Letters: Sport is part of the human quest for excellence
Patrick Cosgrove (Letters, 19 January) cannot go unchallenged. It is a human trait to want to be the best at things we are good at, whether they be sport, art, music, research, or writing. People don’t initially strive for excellence because of the money, but because they love the thing they do.
The logical follow-on from Mr Cosgrove’s argument that professional sport (ie people getting paid to do the thing they are good at) shouldn’t be allowed is that all “pointless”, non survival-related activities should be done only for love, not money. So out would go the arts, because some of these practitioners also get paid enormous, unjustifiable amounts.
Sport is a valid human endeavour and the vast majority of people who do it and enjoy it are not corrupt or motivated primarily by the money. There are ways to deal with criminal activity and inflated salaries without condemning the whole shebang.
Patrick Cosgrove is right: “professional sport” is an oxymoron. The cause of the trouble is simple: the involvement of big money. There is one major exception to this unhappy situation and that is the game of hockey (called field hockey in North America).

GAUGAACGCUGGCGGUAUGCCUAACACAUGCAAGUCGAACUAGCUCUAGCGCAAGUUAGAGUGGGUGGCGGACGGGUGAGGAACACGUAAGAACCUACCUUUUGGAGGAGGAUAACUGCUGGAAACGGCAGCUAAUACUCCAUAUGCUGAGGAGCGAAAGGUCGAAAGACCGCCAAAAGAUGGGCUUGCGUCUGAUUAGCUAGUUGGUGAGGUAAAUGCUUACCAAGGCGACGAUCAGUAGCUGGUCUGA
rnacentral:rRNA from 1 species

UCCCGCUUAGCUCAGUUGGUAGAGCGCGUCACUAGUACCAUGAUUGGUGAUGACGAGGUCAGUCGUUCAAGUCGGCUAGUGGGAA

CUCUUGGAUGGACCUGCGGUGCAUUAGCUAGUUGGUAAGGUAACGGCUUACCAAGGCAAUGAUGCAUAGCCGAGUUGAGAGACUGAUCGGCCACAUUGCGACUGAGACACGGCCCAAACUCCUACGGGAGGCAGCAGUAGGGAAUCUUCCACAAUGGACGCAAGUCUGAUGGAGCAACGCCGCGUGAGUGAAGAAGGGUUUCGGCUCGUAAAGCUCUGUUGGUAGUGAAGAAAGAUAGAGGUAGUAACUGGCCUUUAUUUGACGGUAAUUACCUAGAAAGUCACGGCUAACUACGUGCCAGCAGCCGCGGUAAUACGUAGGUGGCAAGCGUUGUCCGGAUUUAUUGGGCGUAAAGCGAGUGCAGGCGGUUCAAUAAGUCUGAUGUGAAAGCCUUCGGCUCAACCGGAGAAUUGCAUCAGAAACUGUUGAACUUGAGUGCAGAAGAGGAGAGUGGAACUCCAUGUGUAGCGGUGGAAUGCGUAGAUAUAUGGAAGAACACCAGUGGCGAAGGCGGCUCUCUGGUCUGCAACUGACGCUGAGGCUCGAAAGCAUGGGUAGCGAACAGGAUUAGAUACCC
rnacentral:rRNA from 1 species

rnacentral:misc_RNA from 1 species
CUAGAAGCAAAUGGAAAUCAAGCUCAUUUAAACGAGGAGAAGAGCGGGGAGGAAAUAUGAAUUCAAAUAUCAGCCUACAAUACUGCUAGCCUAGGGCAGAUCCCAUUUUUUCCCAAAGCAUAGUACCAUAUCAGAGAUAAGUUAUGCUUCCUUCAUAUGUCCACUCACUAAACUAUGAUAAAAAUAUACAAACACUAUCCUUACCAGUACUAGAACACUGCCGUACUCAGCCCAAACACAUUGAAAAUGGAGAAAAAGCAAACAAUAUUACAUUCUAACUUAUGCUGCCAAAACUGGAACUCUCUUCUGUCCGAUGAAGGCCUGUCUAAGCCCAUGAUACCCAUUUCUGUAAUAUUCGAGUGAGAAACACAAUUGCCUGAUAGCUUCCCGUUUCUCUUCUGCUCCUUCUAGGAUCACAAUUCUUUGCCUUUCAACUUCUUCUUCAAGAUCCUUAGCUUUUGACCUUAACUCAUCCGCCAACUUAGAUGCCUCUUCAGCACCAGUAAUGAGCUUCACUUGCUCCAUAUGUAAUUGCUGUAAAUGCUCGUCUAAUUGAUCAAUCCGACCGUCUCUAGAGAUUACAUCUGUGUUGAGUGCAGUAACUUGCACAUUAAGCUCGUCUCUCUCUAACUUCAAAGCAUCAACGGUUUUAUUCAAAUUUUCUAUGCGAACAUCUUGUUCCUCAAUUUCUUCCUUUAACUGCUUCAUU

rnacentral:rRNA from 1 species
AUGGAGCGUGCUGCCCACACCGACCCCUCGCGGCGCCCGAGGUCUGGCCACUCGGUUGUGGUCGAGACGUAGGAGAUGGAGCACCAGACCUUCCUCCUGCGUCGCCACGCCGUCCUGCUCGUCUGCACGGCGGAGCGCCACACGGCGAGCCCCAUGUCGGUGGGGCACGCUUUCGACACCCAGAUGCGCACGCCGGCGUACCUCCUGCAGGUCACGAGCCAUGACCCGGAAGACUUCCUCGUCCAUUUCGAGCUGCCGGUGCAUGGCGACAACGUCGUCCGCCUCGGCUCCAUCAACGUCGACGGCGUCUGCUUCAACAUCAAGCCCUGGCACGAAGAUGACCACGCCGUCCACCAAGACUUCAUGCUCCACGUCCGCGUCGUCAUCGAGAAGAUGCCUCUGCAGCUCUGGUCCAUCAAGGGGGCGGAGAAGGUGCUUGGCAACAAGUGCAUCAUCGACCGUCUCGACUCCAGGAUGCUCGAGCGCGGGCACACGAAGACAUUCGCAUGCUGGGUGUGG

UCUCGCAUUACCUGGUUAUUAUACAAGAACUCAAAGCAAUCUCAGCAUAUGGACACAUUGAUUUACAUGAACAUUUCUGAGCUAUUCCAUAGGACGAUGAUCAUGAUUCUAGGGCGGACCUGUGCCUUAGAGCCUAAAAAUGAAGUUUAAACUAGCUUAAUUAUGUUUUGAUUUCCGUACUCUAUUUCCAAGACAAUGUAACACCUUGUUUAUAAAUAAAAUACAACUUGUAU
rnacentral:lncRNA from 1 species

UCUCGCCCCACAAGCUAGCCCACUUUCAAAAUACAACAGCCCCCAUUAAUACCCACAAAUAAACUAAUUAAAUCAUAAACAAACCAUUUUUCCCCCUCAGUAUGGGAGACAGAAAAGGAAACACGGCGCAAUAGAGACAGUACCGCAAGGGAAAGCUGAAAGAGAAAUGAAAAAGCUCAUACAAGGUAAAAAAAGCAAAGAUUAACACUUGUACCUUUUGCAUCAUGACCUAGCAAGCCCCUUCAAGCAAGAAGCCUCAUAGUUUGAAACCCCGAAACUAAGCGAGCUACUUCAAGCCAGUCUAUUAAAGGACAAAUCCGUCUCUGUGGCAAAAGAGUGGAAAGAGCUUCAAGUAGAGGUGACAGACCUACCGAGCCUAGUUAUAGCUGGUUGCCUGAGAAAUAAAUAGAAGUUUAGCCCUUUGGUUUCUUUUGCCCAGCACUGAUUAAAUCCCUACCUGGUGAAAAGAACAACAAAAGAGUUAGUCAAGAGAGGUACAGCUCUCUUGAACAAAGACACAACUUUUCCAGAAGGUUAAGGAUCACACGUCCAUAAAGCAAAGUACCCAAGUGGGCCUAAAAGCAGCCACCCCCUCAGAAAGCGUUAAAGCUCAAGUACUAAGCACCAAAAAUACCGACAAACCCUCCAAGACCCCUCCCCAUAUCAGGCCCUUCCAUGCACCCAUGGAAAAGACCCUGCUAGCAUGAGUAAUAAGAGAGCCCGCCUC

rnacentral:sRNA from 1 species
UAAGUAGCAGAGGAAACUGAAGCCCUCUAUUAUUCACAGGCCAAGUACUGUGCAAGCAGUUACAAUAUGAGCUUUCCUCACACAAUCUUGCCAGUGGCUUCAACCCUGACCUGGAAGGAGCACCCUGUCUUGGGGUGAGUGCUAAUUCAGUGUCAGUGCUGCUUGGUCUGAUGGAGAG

Since the advent of AstroTurf pitches in the mid-1970s hockey has become a faster and more exciting and skillful game, and thus more popular. It is played equally by both men and women and, being a non-contact sport, can be played from the age of six to 60. At the 2012 London Olympics hockey was the third most watched sport, and globally it is the third most popular team sport after football and cricket, with some three million players in 100 countries over five continents.
Hockey, however, has remained defiantly amateur. No money equals no corruption. As far as Britain is concerned, the sport has dropped off the radar and, generally speaking, is neither reported in the national newspapers nor shown on television. Long may this innocence continue!